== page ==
- Coordinate with property and corporate communications teams to ensure social media messaging aligns with overall corporate or business communications plan.
- Identify any social media policies held by mall ownership and ensure that there is full compliance with such policies and procedures.
- Use social media channels to keep customers and the community updated on the center’s status during crises involving closures, damage, traffic or parking reconfigurations.
- Turn off pre-scheduled or auto posts as they could relay incorrect information or be seen as insensitive during the crisis.
- Delete any recent posts that may be insensitive in light of the crisis situation.
- Post any information without ensuring its absolute accuracy.
- Post reactively! While center management is encouraged to respond quickly during normal operations, response during a crisis situation should be carefully considered.
- Use religious or politically oriented language.
Here is a checklist of reminders to have on hand in the event of an emergency:
Quick Reference Guide
- Establish a clear chain of command of authorized center spokespersons.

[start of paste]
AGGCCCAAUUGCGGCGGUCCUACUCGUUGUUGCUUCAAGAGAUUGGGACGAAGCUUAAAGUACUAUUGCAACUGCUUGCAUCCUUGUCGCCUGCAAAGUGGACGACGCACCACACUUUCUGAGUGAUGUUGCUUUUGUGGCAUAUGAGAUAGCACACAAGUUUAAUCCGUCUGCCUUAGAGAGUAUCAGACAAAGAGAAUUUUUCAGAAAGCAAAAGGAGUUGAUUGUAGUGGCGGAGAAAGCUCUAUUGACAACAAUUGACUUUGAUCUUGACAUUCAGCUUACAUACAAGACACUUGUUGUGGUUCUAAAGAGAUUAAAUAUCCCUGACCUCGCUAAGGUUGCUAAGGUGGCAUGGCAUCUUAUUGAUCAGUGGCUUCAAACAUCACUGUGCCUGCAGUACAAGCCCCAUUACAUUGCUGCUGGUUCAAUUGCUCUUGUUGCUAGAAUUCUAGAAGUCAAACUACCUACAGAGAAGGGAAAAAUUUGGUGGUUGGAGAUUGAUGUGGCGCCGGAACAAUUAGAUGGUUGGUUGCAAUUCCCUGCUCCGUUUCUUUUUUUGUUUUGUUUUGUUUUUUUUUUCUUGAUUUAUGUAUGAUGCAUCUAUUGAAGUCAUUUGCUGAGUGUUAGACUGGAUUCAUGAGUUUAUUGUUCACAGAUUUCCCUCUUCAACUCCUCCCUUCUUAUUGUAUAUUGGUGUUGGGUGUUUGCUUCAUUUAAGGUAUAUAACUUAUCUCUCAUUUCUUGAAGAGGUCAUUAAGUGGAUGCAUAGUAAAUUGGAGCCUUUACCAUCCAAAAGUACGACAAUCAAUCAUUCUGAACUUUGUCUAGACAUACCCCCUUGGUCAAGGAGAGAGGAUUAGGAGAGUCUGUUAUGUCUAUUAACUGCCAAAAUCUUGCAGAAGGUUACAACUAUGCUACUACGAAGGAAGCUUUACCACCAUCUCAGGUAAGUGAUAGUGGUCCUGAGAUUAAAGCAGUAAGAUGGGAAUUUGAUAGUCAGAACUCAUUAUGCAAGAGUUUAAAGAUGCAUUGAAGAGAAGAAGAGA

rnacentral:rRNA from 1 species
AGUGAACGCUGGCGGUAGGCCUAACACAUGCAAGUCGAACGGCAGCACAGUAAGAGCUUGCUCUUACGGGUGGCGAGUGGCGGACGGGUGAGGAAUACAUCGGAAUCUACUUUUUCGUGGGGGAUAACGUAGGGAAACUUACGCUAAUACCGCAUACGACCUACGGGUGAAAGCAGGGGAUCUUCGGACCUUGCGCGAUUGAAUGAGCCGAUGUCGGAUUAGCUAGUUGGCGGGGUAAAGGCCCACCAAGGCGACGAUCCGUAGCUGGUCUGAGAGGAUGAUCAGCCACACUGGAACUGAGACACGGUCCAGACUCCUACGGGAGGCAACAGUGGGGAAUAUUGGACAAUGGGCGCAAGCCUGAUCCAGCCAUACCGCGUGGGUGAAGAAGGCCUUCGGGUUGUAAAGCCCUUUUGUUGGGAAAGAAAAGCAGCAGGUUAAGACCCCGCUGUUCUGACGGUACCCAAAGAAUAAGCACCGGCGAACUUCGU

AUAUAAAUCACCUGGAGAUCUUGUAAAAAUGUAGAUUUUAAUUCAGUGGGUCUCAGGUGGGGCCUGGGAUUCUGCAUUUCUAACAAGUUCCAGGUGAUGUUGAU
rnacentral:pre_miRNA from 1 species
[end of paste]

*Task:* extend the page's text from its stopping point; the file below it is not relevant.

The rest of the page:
- Media-train all center spokespeople.
- Maintain working relationships with media, local law enforcement and emergency responders.
- Prepare statements and ensure they can be adapted quickly and effectively.
- Identify satellite locations where, if necessary, center staff and corporate executives can meet with press and emergency responders.
- Keep copies of all crisis-related materials outside the office for easy access.
- In the event of a major crisis, make certain that center staff notifies and consults with corporate leadership immediately.
- Be ready to update public and media audiences via all communication channels, including social media.
— Robyn Marano is the Vice President of Marketing for Madison Marquette Retail Services (MMRS) and can be reached at Robyn.Marano@MadisonMarquette.com. MMRS is a premier national real estate development, leasing and management firm specializing in infill, mixed-use, community and specialty retail properties.